Joe Walsh on Homeland Security

Republican presidential primary challenger (former IL Rep.)


Take seriously the dangers of Islamic terrorism

While Walsh has taken few stances on counterterrorism policy, he has spoken often of the dangers of Islamic terrorism, which he feels policymakers have not taken seriously enough.

Walsh previously accused the Barack Obama administration of skewing intelligence to downplay the threat posed by terrorist groups such as al-Qaeda and the self-proclaimed Islamic State.

He has opposed readmitting into the United States former citizens who renounced their citizenship to join terrorist groups.

Source: Council on Foreign Relations on 2020 presidential hopefuls , Dec 24, 2019

Supports military service for gays and transgendered

[On LGBT rights]: I use the power of my public profile to go at the issue and talk about the issue and try to find common ground on the issue. I'm a big supporter of anybody--gay, lesbian, straight, or transgender--serving in the military. This is one of those issues though where when you've got strong minded people on one side or another side pushing it too hard for the American people, instead of trying to find an area of compromise--for instance, being able to use whatever washroom facilities or shower facilities according to the sex that you identify as. Fine. People in America should have that freedom to be able to do that. But we've got to think about the people sitting in high school situations--students, 17 and 18 year olds--who may be uncomfortable with that. So it's finding the common ground.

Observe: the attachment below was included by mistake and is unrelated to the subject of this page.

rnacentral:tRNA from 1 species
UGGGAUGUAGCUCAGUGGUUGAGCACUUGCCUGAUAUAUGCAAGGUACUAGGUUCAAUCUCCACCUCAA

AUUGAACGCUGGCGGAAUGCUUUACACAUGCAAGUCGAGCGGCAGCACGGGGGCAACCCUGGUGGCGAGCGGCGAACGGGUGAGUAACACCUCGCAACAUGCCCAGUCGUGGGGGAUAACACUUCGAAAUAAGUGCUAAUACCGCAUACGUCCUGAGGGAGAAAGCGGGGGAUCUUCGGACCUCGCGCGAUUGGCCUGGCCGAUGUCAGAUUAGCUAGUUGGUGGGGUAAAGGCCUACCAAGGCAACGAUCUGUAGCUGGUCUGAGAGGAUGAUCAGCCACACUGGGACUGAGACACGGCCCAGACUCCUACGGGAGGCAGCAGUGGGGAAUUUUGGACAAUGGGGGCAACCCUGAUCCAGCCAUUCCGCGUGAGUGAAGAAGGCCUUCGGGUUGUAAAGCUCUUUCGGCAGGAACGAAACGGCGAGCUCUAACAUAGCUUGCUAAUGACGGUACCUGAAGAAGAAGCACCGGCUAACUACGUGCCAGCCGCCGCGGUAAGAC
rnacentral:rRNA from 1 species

Source: Business Insider 2019 GOP presidential primary debate , Sep 24, 2019

Cut $8.9B from defense bill, and supported 3% more

The FY12 Department of Defense Appropriations bill funds the Department of Defense and represents a cut of $8.9 billion from the President's budget request.

"Today I was proud to vote to ensure that our troops have the resources they need to defend American families and our great nation. This bill is also an important step in bringing Washington's spending problem under control. For the first time in 20 years, the House has passed a Department of Defense Appropriations bill that is significantly lower than the President's budget request. While I unconditionally support our troops, I thought it was imperative to cut some of the bloat out of the President's request. In fact, during the amendment process I also supported several amendments that would have made further cuts to defense spending, including one that would have made an additional 3% cut across the board. Unfortunately, these amendments did not pass, but I will continue to support hard spending cuts and fiscal responsibility."